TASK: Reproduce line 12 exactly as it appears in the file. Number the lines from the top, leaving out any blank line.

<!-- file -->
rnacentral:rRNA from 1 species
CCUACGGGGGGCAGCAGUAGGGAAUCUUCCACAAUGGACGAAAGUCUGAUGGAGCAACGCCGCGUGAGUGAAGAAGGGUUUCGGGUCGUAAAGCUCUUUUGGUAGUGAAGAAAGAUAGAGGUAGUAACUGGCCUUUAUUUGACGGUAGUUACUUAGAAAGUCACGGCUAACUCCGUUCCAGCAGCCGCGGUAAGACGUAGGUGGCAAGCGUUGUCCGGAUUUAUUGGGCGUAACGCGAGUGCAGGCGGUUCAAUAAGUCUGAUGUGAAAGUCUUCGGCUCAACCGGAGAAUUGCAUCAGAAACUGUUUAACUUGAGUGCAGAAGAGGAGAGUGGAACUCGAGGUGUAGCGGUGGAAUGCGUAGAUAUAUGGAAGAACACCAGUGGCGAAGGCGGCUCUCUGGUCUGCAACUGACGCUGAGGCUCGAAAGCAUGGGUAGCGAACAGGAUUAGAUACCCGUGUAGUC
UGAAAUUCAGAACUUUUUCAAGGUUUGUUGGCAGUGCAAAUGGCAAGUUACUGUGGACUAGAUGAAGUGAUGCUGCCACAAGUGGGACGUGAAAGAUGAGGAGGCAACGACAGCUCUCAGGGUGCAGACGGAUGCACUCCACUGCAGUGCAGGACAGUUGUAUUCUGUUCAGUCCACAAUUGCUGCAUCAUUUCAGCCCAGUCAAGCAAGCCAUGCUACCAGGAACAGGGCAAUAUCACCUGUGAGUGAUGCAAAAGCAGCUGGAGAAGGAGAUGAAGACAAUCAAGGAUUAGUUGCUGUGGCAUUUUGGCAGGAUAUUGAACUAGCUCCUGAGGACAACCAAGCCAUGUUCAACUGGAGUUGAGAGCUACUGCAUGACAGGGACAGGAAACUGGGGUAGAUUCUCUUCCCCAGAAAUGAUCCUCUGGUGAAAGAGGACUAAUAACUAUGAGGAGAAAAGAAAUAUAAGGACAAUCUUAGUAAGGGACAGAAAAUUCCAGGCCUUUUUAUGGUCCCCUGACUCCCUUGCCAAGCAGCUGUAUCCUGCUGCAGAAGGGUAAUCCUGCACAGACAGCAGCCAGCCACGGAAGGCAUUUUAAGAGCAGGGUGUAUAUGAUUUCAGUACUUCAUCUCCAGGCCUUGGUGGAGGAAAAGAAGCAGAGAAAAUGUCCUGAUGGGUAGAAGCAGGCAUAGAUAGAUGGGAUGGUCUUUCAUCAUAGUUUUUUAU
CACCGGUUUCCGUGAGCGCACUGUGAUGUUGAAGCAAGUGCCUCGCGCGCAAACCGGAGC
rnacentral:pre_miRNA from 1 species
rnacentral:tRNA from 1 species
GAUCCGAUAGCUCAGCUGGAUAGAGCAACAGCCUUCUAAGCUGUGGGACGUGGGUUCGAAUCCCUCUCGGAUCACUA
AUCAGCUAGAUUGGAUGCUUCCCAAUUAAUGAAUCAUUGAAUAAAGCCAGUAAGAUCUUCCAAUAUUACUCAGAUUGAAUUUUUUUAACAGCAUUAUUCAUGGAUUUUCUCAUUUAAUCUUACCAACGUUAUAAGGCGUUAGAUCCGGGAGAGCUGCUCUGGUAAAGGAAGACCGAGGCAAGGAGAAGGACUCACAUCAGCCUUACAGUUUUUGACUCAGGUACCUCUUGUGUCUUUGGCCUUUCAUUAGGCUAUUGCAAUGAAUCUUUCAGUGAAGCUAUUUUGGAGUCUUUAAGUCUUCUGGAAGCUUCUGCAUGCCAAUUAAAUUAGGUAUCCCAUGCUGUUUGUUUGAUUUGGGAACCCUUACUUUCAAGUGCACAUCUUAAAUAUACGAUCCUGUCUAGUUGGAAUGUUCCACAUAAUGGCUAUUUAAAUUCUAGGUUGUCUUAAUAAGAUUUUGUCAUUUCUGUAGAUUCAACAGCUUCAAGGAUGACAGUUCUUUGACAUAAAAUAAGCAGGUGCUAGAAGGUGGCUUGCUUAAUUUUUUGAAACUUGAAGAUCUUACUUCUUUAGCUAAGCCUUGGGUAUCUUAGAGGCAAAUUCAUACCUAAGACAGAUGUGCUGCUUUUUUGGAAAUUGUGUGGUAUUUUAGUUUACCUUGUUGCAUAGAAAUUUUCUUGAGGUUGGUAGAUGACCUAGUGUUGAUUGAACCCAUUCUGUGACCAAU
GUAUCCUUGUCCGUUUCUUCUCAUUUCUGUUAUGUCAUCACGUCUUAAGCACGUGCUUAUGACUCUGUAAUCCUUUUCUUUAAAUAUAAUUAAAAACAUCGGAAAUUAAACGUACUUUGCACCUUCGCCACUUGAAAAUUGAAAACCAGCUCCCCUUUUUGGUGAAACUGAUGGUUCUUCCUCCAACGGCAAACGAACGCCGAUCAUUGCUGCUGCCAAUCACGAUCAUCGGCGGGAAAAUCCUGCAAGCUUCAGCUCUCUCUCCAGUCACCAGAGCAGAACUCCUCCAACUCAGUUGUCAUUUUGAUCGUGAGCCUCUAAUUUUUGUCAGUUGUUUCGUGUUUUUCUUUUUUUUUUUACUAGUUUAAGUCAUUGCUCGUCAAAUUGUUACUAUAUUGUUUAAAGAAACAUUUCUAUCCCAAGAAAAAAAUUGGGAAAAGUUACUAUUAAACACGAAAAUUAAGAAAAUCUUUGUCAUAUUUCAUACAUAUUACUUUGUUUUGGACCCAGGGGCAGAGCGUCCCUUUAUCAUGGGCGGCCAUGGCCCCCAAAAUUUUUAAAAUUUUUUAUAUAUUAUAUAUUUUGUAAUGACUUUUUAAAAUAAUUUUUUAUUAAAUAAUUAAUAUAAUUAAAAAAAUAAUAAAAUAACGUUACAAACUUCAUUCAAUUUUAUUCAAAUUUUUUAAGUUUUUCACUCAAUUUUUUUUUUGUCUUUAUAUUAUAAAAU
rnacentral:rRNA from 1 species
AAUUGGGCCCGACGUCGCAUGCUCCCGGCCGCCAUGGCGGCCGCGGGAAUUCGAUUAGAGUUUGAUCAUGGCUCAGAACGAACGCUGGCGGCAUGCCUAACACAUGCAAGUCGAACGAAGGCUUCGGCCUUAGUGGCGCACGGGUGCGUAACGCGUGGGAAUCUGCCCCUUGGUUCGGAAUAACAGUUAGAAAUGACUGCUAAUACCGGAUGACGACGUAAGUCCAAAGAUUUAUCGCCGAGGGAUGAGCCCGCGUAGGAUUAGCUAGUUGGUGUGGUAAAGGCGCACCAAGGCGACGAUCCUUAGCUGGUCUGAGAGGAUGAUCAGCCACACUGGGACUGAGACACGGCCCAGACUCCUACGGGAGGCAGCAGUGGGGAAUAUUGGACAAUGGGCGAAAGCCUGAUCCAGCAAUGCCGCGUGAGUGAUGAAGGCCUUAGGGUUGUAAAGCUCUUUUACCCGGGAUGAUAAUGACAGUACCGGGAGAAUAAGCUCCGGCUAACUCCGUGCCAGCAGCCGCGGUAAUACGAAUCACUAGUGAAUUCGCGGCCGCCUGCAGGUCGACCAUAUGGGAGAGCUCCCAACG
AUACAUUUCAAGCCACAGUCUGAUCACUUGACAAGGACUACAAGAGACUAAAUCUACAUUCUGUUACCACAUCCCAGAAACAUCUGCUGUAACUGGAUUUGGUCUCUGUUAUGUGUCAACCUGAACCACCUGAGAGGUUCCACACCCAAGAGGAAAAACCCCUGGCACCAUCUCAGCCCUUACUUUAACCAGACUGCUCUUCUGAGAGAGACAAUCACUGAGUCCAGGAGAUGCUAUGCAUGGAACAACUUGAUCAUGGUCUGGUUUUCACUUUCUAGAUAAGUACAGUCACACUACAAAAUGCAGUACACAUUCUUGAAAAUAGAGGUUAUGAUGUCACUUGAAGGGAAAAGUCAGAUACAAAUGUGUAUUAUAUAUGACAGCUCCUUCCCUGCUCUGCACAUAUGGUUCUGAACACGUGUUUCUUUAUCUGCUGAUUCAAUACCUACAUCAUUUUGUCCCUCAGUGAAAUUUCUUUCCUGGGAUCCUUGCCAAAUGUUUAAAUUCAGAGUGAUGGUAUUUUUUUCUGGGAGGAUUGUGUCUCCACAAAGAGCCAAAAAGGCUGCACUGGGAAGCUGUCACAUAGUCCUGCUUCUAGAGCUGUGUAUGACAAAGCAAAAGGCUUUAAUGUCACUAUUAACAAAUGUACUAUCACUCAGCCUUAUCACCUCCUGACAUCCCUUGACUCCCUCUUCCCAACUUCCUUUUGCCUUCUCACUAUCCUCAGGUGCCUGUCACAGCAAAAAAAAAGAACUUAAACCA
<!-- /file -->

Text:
AUACAUUUCAAGCCACAGUCUGAUCACUUGACAAGGACUACAAGAGACUAAAUCUACAUUCUGUUACCACAUCCCAGAAACAUCUGCUGUAACUGGAUUUGGUCUCUGUUAUGUGUCAACCUGAACCACCUGAGAGGUUCCACACCCAAGAGGAAAAACCCCUGGCACCAUCUCAGCCCUUACUUUAACCAGACUGCUCUUCUGAGAGAGACAAUCACUGAGUCCAGGAGAUGCUAUGCAUGGAACAACUUGAUCAUGGUCUGGUUUUCACUUUCUAGAUAAGUACAGUCACACUACAAAAUGCAGUACACAUUCUUGAAAAUAGAGGUUAUGAUGUCACUUGAAGGGAAAAGUCAGAUACAAAUGUGUAUUAUAUAUGACAGCUCCUUCCCUGCUCUGCACAUAUGGUUCUGAACACGUGUUUCUUUAUCUGCUGAUUCAAUACCUACAUCAUUUUGUCCCUCAGUGAAAUUUCUUUCCUGGGAUCCUUGCCAAAUGUUUAAAUUCAGAGUGAUGGUAUUUUUUUCUGGGAGGAUUGUGUCUCCACAAAGAGCCAAAAAGGCUGCACUGGGAAGCUGUCACAUAGUCCUGCUUCUAGAGCUGUGUAUGACAAAGCAAAAGGCUUUAAUGUCACUAUUAACAAAUGUACUAUCACUCAGCCUUAUCACCUCCUGACAUCCCUUGACUCCCUCUUCCCAACUUCCUUUUGCCUUCUCACUAUCCUCAGGUGCCUGUCACAGCAAAAAAAAAGAACUUAAACCA